Create a `backtestEngine` object for the strategies, run the backtest using `runBacktest`, and generate a report using `summary`.

```% Create the backtesting engine object backtester = backtestEngine(strategies); % Run backtest backtester = runBacktest(backtester,pricesTT,'Start',warmupPeriod); % Generate summary table of strategies performance summary(backtester)```
```ans=9×2 table Factor_Modeling Denoising _______________ __________ TotalReturn 0.28079 0.31501 SharpeRatio 0.018583 0.020462 Volatility 0.0089592 0.0086696 AverageTurnover 0.014646 0.013843 MaxTurnover 0.56184 0.58224 AverageReturn 0.00016644 0.00017736 MaxDrawdown 0.23384 0.24536 AverageBuyCost 0.84446 0.79536 AverageSellCost 0.84446 0.79536 ```

Use `equityCurve` to plot the equity curve to compare the performance of both strategies.

`equityCurve(backtester)` The performance of both strategies is similar, although not identical. This similarity is because the factor model strategy uses the number of factors identified by `covarianceDenoising` to select the number of principal components. Factor model strategies are usually not implemented this way, but rather the number of factors is a fixed parameter that is chosen a priori.

In this example, the number of factors that is most frequently identified is `1`.

```% Count the number of different factors categoricalNumFactors = ... categorical(backtester.Strategies(1).UserData.numFactors); [N,uniqueFactors] = histcounts(categoricalNumFactors); factorFrequency = table(uniqueFactors',N', ... 'VariableNames',{'NumFactors','Frequency'})```
```factorFrequency=3×2 table NumFactors Frequency __________ _________ {'1' } 81 {'2' } 12 {'17'} 1 ```

Therefore, you can run the factor modeling strategy using `1` as the number of factors instead of using `covarianceDenoising` to identify the number of factors at each rebalancing period.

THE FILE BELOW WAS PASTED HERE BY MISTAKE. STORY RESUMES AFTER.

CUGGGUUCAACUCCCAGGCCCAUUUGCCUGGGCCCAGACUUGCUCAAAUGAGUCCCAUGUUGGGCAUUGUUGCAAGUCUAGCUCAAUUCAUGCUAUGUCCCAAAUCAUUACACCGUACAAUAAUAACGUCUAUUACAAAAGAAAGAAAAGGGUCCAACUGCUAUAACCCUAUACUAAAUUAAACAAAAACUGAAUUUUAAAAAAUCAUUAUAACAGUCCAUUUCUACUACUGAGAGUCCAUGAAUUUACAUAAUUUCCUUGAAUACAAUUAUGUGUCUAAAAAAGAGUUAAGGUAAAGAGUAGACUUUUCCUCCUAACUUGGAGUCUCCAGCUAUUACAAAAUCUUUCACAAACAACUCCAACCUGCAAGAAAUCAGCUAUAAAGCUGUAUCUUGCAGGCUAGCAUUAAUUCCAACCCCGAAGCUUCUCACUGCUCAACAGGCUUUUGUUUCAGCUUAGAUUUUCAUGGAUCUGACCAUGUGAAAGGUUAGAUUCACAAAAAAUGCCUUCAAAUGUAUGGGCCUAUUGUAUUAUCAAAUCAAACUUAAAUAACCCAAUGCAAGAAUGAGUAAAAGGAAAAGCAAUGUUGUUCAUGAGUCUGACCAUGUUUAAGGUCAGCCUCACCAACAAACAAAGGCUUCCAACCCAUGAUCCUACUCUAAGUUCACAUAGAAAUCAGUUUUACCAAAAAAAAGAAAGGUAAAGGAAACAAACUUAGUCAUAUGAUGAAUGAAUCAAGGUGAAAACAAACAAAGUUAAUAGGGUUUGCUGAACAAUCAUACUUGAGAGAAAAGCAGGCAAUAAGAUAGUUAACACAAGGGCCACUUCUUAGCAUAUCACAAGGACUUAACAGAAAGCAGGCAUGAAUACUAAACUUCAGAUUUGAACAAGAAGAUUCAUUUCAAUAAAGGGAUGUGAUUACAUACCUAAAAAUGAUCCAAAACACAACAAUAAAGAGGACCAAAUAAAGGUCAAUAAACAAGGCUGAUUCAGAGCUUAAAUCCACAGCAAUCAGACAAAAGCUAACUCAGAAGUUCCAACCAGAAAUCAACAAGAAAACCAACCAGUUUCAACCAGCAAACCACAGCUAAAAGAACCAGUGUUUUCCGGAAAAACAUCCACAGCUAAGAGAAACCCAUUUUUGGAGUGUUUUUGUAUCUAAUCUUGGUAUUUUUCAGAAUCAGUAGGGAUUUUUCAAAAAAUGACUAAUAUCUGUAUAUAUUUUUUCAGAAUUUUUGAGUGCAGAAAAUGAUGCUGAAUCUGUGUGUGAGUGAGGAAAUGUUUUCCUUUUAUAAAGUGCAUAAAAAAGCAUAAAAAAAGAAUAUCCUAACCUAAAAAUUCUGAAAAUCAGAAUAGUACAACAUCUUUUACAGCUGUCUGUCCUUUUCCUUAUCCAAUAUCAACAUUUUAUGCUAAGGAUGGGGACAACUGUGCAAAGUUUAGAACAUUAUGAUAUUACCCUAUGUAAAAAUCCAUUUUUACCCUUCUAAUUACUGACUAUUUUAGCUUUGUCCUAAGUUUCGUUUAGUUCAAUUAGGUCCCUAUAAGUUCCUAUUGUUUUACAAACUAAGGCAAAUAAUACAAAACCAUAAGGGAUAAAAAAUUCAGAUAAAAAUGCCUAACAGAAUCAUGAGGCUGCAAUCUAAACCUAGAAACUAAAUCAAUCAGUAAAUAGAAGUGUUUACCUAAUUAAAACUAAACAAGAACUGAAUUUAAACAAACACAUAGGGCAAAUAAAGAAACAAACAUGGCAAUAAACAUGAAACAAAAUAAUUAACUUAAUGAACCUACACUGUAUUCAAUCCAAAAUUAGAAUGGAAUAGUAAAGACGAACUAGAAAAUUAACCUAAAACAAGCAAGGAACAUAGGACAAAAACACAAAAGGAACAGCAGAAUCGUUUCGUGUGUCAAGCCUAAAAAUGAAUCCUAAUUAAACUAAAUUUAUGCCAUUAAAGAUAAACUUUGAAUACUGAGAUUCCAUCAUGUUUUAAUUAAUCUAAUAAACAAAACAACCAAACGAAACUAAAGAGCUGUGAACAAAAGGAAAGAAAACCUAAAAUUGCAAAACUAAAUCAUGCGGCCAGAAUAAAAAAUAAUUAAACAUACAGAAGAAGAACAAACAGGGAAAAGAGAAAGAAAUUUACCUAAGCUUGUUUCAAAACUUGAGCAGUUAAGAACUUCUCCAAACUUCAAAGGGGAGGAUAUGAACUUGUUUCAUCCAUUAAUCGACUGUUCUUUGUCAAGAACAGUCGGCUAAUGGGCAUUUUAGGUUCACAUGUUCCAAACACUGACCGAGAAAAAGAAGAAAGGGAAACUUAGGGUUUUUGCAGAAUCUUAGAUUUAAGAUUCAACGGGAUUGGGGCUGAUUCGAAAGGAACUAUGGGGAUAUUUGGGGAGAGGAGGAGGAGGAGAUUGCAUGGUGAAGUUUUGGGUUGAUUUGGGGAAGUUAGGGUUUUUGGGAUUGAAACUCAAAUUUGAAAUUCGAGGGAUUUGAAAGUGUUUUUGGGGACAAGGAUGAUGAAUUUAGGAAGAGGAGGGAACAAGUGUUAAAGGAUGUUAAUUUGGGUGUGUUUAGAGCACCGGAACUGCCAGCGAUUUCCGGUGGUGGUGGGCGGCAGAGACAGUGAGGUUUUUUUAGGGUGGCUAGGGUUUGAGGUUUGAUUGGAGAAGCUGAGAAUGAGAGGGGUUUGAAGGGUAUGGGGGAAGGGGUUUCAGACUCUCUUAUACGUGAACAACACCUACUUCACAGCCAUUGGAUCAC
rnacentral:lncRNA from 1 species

### Reference

1. Meucci, Attilio. “Modeling the Market.” In Risk and Asset Allocation, by Attilio Meucci, 101–66. Berlin, Heidelberg: Springer Berlin Heidelberg, 2009.

#### Local Functions

```function [new_weights,userData] =... factorModeling(~,pricesTT,userData) % Compute minimum variance portfolio using traditional covariance estimate. % Compute returns from prices timetable. assetReturns = tick2ret(pricesTT); % Compute the number of factors identified using covariance denoising. [~,numFactors] = covarianceDenoising(assetReturns.Variables); userData.numFactors = [userData.numFactors; numFactors]; % Compute the covariance using the factors model % SigmaFactorModel = F*Sigma_f*F' + D % r_a = mu_a + F*r_f + epsilon_a [factorLoading,factorRetn,~,~,~,factorMean] = ... pca(assetReturns.Variables,'NumComponents',numFactors); covFactor = cov(factorRetn); retnHat = factorRetn*factorLoading' + factorMean; unexplainedRetn = assetReturns.Variables - retnHat; unexplainedCovar = diag(cov(unexplainedRetn)); D = diag(unexplainedCovar); % Define the mean and covariance of the returns. mu = mean(assetReturns.Variables); Sigma = factorLoading*covFactor*factorLoading' + D; % Create the portfolio problem. p = Portfolio(AssetMean=mu,AssetCovar=Sigma); % Specify long-only, fully-invested contraints p = setDefaultConstraints(p); % Compute the maximum return portfolio subject to the target risk. targetRisk = 0.008; new_weights = estimateFrontierByRisk(p,targetRisk); end function new_weights = denoising(~, pricesTT) % Compute minimum variance portfolio using covariance denoising. % Compute the returns from the prices timetable. assetReturns = tick2ret(pricesTT); mu = mean(assetReturns.Variables); Sigma = covarianceDenoising(assetReturns.Variables); % Create the portfolio problem. p = Portfolio(AssetMean=mu,AssetCovar=Sigma); % Long-only fully invested contraints p = setDefaultConstraints(p); % Compute maximum return portfolio subject to the target risk. targetRisk = 0.008; new_weights = estimateFrontierByRisk(p,targetRisk); end```